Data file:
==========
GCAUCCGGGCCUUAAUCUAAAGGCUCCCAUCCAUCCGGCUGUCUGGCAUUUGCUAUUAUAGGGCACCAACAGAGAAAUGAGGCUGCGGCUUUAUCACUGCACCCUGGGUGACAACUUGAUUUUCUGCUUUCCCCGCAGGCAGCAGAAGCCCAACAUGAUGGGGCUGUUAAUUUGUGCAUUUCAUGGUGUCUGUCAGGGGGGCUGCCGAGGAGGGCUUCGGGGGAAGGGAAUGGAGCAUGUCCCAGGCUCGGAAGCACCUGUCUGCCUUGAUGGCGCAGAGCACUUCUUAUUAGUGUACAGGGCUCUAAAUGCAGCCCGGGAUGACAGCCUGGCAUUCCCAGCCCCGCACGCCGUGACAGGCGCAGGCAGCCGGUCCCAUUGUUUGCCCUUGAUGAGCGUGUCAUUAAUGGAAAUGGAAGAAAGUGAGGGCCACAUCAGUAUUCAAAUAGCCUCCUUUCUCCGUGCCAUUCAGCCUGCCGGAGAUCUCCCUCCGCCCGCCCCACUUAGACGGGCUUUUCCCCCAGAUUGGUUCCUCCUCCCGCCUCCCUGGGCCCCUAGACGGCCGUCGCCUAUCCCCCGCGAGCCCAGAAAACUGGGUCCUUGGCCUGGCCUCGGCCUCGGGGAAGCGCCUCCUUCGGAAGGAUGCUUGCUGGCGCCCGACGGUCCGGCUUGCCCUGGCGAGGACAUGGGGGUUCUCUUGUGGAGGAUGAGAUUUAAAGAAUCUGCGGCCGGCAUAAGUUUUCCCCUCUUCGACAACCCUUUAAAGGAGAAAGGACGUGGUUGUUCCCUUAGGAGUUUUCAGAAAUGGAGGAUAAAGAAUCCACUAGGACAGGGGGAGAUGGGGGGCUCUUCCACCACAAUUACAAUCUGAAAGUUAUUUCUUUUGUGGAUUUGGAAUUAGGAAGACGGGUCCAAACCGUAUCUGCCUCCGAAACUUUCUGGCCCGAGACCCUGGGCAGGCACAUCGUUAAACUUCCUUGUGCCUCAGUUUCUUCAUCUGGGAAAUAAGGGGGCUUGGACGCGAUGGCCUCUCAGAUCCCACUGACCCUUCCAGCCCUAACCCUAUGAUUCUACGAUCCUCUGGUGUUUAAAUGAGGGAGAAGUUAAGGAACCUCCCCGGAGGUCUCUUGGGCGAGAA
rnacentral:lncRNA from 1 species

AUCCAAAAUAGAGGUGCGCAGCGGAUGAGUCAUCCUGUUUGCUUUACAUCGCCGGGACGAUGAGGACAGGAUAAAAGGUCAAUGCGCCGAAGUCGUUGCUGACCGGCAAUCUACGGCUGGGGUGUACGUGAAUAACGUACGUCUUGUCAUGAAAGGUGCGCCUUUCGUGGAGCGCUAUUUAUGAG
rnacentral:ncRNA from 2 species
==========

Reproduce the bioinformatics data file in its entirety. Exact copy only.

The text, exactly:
GCAUCCGGGCCUUAAUCUAAAGGCUCCCAUCCAUCCGGCUGUCUGGCAUUUGCUAUUAUAGGGCACCAACAGAGAAAUGAGGCUGCGGCUUUAUCACUGCACCCUGGGUGACAACUUGAUUUUCUGCUUUCCCCGCAGGCAGCAGAAGCCCAACAUGAUGGGGCUGUUAAUUUGUGCAUUUCAUGGUGUCUGUCAGGGGGGCUGCCGAGGAGGGCUUCGGGGGAAGGGAAUGGAGCAUGUCCCAGGCUCGGAAGCACCUGUCUGCCUUGAUGGCGCAGAGCACUUCUUAUUAGUGUACAGGGCUCUAAAUGCAGCCCGGGAUGACAGCCUGGCAUUCCCAGCCCCGCACGCCGUGACAGGCGCAGGCAGCCGGUCCCAUUGUUUGCCCUUGAUGAGCGUGUCAUUAAUGGAAAUGGAAGAAAGUGAGGGCCACAUCAGUAUUCAAAUAGCCUCCUUUCUCCGUGCCAUUCAGCCUGCCGGAGAUCUCCCUCCGCCCGCCCCACUUAGACGGGCUUUUCCCCCAGAUUGGUUCCUCCUCCCGCCUCCCUGGGCCCCUAGACGGCCGUCGCCUAUCCCCCGCGAGCCCAGAAAACUGGGUCCUUGGCCUGGCCUCGGCCUCGGGGAAGCGCCUCCUUCGGAAGGAUGCUUGCUGGCGCCCGACGGUCCGGCUUGCCCUGGCGAGGACAUGGGGGUUCUCUUGUGGAGGAUGAGAUUUAAAGAAUCUGCGGCCGGCAUAAGUUUUCCCCUCUUCGACAACCCUUUAAAGGAGAAAGGACGUGGUUGUUCCCUUAGGAGUUUUCAGAAAUGGAGGAUAAAGAAUCCACUAGGACAGGGGGAGAUGGGGGGCUCUUCCACCACAAUUACAAUCUGAAAGUUAUUUCUUUUGUGGAUUUGGAAUUAGGAAGACGGGUCCAAACCGUAUCUGCCUCCGAAACUUUCUGGCCCGAGACCCUGGGCAGGCACAUCGUUAAACUUCCUUGUGCCUCAGUUUCUUCAUCUGGGAAAUAAGGGGGCUUGGACGCGAUGGCCUCUCAGAUCCCACUGACCCUUCCAGCCCUAACCCUAUGAUUCUACGAUCCUCUGGUGUUUAAAUGAGGGAGAAGUUAAGGAACCUCCCCGGAGGUCUCUUGGGCGAGAA
rnacentral:lncRNA from 1 species

AUCCAAAAUAGAGGUGCGCAGCGGAUGAGUCAUCCUGUUUGCUUUACAUCGCCGGGACGAUGAGGACAGGAUAAAAGGUCAAUGCGCCGAAGUCGUUGCUGACCGGCAAUCUACGGCUGGGGUGUACGUGAAUAACGUACGUCUUGUCAUGAAAGGUGCGCCUUUCGUGGAGCGCUAUUUAUGAG
rnacentral:ncRNA from 2 species